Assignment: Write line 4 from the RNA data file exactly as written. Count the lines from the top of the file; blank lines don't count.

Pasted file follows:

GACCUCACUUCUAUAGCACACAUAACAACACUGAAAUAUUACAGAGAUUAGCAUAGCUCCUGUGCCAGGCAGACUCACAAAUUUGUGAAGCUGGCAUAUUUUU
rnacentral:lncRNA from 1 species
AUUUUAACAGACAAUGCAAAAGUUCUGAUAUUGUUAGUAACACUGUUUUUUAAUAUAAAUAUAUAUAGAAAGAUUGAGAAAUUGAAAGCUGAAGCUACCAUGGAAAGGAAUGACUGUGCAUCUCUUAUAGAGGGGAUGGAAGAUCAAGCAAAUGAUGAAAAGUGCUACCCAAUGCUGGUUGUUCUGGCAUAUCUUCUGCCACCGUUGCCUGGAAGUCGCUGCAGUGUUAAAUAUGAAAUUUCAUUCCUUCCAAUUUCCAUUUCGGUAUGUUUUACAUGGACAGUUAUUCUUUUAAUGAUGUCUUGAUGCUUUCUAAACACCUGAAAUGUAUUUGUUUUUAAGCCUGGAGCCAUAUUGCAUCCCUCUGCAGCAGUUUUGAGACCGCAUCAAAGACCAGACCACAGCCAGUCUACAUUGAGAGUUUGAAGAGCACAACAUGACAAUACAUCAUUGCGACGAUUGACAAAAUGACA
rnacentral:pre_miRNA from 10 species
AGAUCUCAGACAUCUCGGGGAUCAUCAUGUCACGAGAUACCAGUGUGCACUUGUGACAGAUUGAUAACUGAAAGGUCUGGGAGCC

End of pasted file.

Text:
rnacentral:pre_miRNA from 10 species